Furthermore, the raised penalties will likely be used for speculative invoicing by predatory law firms.There are a number of companies, often referred to as “copyright trolls", that look for evidence of copyright infringement online, in order to send threatening letters asking for payment. The process of detection is vulnerable to error.[19]

The alleged infringements often relate to niche pornography, as this is not something most people would want to discuss publicly whether they are innocent or not. See Golden Eye,[20]TCYK LLP[21]for examples.

Clause 27 aids these companies by empowering them to threaten any online infringer with the much stronger criminal sanctions, which include ten years in prison. Even as a general comment within a letter, this could have a powerful persuasive effect on innocent people that they should pay the sums mentioned in the threatening letters.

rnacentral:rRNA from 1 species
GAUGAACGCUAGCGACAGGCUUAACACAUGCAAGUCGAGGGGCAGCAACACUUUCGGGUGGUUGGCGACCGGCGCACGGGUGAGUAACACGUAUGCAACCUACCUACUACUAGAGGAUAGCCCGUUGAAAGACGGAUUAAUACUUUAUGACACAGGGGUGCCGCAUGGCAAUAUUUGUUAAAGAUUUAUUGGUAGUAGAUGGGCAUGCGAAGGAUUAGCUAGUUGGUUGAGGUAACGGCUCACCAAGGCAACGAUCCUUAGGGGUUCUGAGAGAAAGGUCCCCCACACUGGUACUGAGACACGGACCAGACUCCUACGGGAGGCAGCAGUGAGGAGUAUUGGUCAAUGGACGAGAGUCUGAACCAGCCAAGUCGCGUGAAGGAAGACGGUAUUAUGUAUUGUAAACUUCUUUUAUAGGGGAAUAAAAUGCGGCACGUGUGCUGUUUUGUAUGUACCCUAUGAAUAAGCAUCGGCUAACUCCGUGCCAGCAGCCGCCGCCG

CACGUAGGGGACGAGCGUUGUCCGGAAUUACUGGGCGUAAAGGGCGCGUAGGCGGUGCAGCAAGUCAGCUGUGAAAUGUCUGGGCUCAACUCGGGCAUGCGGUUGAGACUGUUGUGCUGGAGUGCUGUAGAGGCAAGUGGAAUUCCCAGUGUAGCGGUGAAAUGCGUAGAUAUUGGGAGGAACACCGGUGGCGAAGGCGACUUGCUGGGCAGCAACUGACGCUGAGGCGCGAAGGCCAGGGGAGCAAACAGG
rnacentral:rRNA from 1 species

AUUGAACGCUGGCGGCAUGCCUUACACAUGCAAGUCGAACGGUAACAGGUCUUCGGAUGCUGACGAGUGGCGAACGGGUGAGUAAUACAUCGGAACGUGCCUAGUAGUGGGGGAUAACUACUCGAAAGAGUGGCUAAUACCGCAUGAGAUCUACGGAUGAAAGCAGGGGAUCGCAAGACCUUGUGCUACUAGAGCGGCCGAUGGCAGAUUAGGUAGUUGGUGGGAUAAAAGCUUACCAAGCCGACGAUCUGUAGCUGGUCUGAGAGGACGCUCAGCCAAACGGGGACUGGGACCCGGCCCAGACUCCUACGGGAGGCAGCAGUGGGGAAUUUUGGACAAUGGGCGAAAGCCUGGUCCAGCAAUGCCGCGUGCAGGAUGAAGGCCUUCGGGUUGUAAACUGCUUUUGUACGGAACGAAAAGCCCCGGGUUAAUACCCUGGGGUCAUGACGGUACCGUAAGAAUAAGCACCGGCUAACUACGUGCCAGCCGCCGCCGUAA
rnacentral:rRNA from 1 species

3.1 Recommendation

Clause 27 can be improved by adding thresholds of seriousnessto the “risk of loss” and “causing loss”.

This change will ensure that individuals infringing copyright are normally dealt with through civil courts and civil copyright action. It will help deliver the “expected outcome”[22]of the Clause, that is to criminally prosecute only commercial copyright infringers.

ORG’s proposed copyright amendment:

27 Offences: infringing copyright and making available right

Clause 27, page 28, line 18,leave out “loss” and insert “commercial scale loss”

Clause 27, page 28, line 20, leave out “risk of loss” and insert “serious risk of causing commercial scale loss”